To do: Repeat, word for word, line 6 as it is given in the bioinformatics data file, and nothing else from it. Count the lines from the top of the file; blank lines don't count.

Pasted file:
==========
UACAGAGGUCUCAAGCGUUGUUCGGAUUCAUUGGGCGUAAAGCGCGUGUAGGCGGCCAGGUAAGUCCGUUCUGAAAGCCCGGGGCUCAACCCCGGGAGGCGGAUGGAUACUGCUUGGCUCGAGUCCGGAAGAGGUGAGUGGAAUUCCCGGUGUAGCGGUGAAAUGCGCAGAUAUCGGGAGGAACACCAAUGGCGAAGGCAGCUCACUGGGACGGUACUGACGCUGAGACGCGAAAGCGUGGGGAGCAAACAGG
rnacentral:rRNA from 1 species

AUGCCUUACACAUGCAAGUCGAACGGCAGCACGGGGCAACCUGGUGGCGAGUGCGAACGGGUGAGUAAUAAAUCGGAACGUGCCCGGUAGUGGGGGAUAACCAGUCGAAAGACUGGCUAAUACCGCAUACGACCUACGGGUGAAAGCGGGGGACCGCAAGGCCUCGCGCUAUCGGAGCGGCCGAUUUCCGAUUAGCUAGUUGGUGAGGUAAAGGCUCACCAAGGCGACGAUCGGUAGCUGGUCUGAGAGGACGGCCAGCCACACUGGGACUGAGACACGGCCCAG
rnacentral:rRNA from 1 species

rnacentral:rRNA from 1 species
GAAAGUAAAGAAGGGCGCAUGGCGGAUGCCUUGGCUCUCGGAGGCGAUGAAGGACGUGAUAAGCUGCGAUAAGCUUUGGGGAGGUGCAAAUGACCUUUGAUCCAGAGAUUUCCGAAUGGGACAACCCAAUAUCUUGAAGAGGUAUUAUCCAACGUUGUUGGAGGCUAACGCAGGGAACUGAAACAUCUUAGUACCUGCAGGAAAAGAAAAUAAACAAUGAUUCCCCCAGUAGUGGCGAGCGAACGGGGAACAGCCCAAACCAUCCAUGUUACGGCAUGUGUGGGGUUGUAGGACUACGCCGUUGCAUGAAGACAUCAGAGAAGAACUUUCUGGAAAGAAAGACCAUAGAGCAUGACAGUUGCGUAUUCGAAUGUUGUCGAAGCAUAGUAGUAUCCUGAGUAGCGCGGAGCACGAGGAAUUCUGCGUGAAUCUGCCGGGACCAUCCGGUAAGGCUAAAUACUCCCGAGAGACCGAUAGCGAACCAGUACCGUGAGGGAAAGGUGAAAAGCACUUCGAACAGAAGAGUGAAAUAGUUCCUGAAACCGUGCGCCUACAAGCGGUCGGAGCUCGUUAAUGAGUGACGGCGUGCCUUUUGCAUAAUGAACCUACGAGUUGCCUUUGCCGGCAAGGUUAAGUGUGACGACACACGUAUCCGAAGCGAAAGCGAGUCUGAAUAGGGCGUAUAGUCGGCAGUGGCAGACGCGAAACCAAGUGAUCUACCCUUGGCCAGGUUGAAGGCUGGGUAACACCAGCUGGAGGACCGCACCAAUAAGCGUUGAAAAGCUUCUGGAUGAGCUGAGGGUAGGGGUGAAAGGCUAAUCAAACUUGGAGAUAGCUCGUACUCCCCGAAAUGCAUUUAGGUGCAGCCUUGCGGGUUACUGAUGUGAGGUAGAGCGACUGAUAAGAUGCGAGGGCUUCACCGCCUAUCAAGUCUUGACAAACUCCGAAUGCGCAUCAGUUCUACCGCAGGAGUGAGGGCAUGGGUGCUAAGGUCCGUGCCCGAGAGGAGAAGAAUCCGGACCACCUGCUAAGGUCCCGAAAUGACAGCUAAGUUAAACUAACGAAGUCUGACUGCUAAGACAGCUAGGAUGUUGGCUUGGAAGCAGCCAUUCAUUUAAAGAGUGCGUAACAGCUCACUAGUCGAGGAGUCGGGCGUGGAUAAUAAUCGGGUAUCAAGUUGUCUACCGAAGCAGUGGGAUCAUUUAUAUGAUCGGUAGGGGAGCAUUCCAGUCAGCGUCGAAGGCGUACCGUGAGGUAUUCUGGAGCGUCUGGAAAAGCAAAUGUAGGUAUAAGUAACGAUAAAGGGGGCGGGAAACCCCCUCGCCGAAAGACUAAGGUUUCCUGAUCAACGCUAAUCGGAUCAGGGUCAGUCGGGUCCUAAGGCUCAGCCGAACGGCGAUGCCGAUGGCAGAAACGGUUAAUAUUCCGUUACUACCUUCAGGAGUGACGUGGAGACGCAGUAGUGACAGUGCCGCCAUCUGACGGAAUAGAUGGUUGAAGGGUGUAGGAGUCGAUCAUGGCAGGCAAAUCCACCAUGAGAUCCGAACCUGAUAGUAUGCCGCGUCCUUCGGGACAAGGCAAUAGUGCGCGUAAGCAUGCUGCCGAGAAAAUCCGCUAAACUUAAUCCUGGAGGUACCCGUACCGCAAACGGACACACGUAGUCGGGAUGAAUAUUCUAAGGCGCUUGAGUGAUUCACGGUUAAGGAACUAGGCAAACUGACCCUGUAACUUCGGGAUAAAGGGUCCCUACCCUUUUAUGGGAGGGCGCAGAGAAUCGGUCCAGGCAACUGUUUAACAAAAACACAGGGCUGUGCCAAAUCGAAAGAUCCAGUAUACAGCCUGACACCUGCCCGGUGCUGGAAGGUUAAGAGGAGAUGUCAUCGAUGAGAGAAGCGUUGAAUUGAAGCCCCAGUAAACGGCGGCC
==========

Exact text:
GAAAGUAAAGAAGGGCGCAUGGCGGAUGCCUUGGCUCUCGGAGGCGAUGAAGGACGUGAUAAGCUGCGAUAAGCUUUGGGGAGGUGCAAAUGACCUUUGAUCCAGAGAUUUCCGAAUGGGACAACCCAAUAUCUUGAAGAGGUAUUAUCCAACGUUGUUGGAGGCUAACGCAGGGAACUGAAACAUCUUAGUACCUGCAGGAAAAGAAAAUAAACAAUGAUUCCCCCAGUAGUGGCGAGCGAACGGGGAACAGCCCAAACCAUCCAUGUUACGGCAUGUGUGGGGUUGUAGGACUACGCCGUUGCAUGAAGACAUCAGAGAAGAACUUUCUGGAAAGAAAGACCAUAGAGCAUGACAGUUGCGUAUUCGAAUGUUGUCGAAGCAUAGUAGUAUCCUGAGUAGCGCGGAGCACGAGGAAUUCUGCGUGAAUCUGCCGGGACCAUCCGGUAAGGCUAAAUACUCCCGAGAGACCGAUAGCGAACCAGUACCGUGAGGGAAAGGUGAAAAGCACUUCGAACAGAAGAGUGAAAUAGUUCCUGAAACCGUGCGCCUACAAGCGGUCGGAGCUCGUUAAUGAGUGACGGCGUGCCUUUUGCAUAAUGAACCUACGAGUUGCCUUUGCCGGCAAGGUUAAGUGUGACGACACACGUAUCCGAAGCGAAAGCGAGUCUGAAUAGGGCGUAUAGUCGGCAGUGGCAGACGCGAAACCAAGUGAUCUACCCUUGGCCAGGUUGAAGGCUGGGUAACACCAGCUGGAGGACCGCACCAAUAAGCGUUGAAAAGCUUCUGGAUGAGCUGAGGGUAGGGGUGAAAGGCUAAUCAAACUUGGAGAUAGCUCGUACUCCCCGAAAUGCAUUUAGGUGCAGCCUUGCGGGUUACUGAUGUGAGGUAGAGCGACUGAUAAGAUGCGAGGGCUUCACCGCCUAUCAAGUCUUGACAAACUCCGAAUGCGCAUCAGUUCUACCGCAGGAGUGAGGGCAUGGGUGCUAAGGUCCGUGCCCGAGAGGAGAAGAAUCCGGACCACCUGCUAAGGUCCCGAAAUGACAGCUAAGUUAAACUAACGAAGUCUGACUGCUAAGACAGCUAGGAUGUUGGCUUGGAAGCAGCCAUUCAUUUAAAGAGUGCGUAACAGCUCACUAGUCGAGGAGUCGGGCGUGGAUAAUAAUCGGGUAUCAAGUUGUCUACCGAAGCAGUGGGAUCAUUUAUAUGAUCGGUAGGGGAGCAUUCCAGUCAGCGUCGAAGGCGUACCGUGAGGUAUUCUGGAGCGUCUGGAAAAGCAAAUGUAGGUAUAAGUAACGAUAAAGGGGGCGGGAAACCCCCUCGCCGAAAGACUAAGGUUUCCUGAUCAACGCUAAUCGGAUCAGGGUCAGUCGGGUCCUAAGGCUCAGCCGAACGGCGAUGCCGAUGGCAGAAACGGUUAAUAUUCCGUUACUACCUUCAGGAGUGACGUGGAGACGCAGUAGUGACAGUGCCGCCAUCUGACGGAAUAGAUGGUUGAAGGGUGUAGGAGUCGAUCAUGGCAGGCAAAUCCACCAUGAGAUCCGAACCUGAUAGUAUGCCGCGUCCUUCGGGACAAGGCAAUAGUGCGCGUAAGCAUGCUGCCGAGAAAAUCCGCUAAACUUAAUCCUGGAGGUACCCGUACCGCAAACGGACACACGUAGUCGGGAUGAAUAUUCUAAGGCGCUUGAGUGAUUCACGGUUAAGGAACUAGGCAAACUGACCCUGUAACUUCGGGAUAAAGGGUCCCUACCCUUUUAUGGGAGGGCGCAGAGAAUCGGUCCAGGCAACUGUUUAACAAAAACACAGGGCUGUGCCAAAUCGAAAGAUCCAGUAUACAGCCUGACACCUGCCCGGUGCUGGAAGGUUAAGAGGAGAUGUCAUCGAUGAGAGAAGCGUUGAAUUGAAGCCCCAGUAAACGGCGGCC